“In Gaza now every single person, adult or child, is traumatised to a different degree. Do you know what the children’s preoccupation is now? Guns, terror, violence – nothing else – and they are very jumpy.”
Around half of Gaza’s 1 million inhabitants are under 16 years old. He told me that the widespread fear and terror among children was causing numerous problems. There was a big increase in the number of children who suffer from bedwetting and insomnia, while in school children are finding it hard to concentrate and are showing rebellious attitudes.

More than seven years on things are even worse, and the blockade is exacerbating the situation.

A press release on the GCMHP website says that the Israeli authorities have told 120 international mental health doctors that they will not be allowed to cross into Gaza for the conference. The gathering is the fifth annual conference of GMHP, and is entitled 'Siege and Mental Health: Walls vs Bridges'.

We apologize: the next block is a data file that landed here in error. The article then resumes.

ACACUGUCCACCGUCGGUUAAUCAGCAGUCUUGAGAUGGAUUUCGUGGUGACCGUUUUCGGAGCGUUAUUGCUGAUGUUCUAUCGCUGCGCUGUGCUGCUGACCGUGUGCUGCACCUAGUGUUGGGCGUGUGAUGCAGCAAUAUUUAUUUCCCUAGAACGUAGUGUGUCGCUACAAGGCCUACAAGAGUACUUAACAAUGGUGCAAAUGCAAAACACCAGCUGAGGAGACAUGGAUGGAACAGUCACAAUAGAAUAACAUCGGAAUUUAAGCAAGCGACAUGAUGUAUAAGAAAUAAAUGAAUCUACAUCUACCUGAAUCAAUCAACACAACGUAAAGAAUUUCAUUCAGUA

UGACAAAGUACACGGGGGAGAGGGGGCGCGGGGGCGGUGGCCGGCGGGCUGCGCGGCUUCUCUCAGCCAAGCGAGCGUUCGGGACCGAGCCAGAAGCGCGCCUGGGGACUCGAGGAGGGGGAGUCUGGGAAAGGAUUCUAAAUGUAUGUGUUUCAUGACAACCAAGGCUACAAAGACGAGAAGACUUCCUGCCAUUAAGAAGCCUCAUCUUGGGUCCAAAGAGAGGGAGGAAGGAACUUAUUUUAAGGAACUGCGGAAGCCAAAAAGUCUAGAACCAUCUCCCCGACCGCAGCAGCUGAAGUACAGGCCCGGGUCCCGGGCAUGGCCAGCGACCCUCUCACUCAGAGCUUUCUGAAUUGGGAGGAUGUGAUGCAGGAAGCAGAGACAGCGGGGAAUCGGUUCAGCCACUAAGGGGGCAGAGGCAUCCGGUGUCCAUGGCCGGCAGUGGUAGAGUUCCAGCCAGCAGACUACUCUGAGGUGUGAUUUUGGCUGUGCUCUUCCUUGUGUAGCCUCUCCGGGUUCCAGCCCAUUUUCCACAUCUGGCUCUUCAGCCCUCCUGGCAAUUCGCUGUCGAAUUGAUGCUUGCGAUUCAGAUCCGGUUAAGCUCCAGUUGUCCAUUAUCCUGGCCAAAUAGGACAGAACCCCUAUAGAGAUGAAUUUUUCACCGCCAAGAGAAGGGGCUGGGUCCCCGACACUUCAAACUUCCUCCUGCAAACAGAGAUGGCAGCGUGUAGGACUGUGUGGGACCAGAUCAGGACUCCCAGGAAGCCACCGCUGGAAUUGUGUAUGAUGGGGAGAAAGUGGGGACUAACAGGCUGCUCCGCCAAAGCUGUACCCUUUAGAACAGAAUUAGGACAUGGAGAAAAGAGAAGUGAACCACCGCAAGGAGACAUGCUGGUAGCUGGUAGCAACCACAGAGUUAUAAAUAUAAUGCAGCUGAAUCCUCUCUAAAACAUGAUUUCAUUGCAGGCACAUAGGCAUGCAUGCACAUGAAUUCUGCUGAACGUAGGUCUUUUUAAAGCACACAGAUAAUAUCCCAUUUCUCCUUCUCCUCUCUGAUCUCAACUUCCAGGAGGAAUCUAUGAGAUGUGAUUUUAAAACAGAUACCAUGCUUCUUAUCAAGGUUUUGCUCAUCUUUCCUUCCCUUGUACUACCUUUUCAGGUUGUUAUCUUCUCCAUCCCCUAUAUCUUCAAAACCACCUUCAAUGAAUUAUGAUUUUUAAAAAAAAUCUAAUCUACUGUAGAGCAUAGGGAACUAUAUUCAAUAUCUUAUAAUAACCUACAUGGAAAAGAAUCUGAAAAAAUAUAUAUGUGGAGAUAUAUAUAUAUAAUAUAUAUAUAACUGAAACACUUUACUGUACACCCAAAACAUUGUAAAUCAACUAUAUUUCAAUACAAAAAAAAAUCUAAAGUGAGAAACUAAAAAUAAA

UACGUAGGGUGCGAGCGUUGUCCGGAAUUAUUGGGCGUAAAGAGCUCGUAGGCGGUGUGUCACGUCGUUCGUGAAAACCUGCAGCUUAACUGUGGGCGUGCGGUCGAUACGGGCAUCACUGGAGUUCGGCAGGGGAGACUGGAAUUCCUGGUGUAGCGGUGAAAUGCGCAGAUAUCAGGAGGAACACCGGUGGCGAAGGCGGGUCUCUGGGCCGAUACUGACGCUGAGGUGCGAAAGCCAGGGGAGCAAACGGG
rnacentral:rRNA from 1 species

The military authorities forbade the entry into Gaza not only of the foreign mental health specialists but also of Israeli physicians from the Tel-Aviv based Physicians for Human Rights, who on other occasions are given access to the Strip, as well as of Palestinian physicians and academics from the West Bank and East Jerusalem.

GCMHP says: "The denial of entry permit was sweeping and arbitrary, for all requests made through the WHO without exception, and without even claiming that there was any 'security' reason for the denial of permits. This is a further exacerbation of the siege on the Gaza Strip, while public opinion is focused on the ongoing government crisis."

As GCMHP puts it: 'Walls Triumph over Bridges ... conference on siege is a victim of siege'.

Saturday, October 25, 2008

reem kelani & bruno heinen in pre-'poetry international' gig